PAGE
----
Fate, Destiny, and Character

In Uncategorized on May 22, 2005 at 10:18 pm

Oedipus tried to avoid his fate. He tried to flee the fateful oracle that said he would kill his father and marry his mother. But Oedipus learned the hard way what all good Greeks knew, that you can’t avoid your fate. For Oedipus, this was the beginning of wisdom.

Anakin Skywalker sold his soul in order to change fate. He gave in to the diabolical lie that if you sell your soul to the devil, you can get want you want in return=avoid fate. Anakin’s journey is more like that of Faust than Oedipus. Anakin learned in the end that by selling your soul you don’t get what you want. Instead, you destroy what you love.

Luke Skywalker tried neither to avoid his fate, nor to change his fate. He simply purposed to love his father and redeem him, or die in the attempt. Darth Vader tempted him to accept his destiny of following the dark side as his father had, but Luke would have none of it. He was not obsessed with his fate. Thus he fulfilled his destiny.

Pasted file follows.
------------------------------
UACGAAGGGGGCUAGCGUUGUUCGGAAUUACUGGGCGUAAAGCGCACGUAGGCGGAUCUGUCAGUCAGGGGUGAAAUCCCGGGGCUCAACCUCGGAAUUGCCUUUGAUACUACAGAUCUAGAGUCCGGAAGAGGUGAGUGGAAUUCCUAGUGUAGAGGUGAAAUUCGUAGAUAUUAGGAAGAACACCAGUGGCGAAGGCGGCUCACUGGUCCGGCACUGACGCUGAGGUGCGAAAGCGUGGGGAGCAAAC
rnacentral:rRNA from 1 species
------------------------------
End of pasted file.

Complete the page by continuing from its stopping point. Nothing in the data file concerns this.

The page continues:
It seems to me that the difference, for all of us, between fate and destiny is character. We have all been endowed with genetic, family, and life factors that certainly seem like an oracle locking us into a predetermined path. If we try to avoid that oracle, we will fulfill it. If we sell our souls to avoid that oracle, we will destroy ourselves and those we love. But if we accept the cards that life has dealt us, and purpose in our souls to do the very best we can with who we are, then we move from fate to destiny. Fate looks backwards towards an oracle, or a dream, or a bad life situation. Destiny always looks forward. The difference between fate, and destiny, is character.


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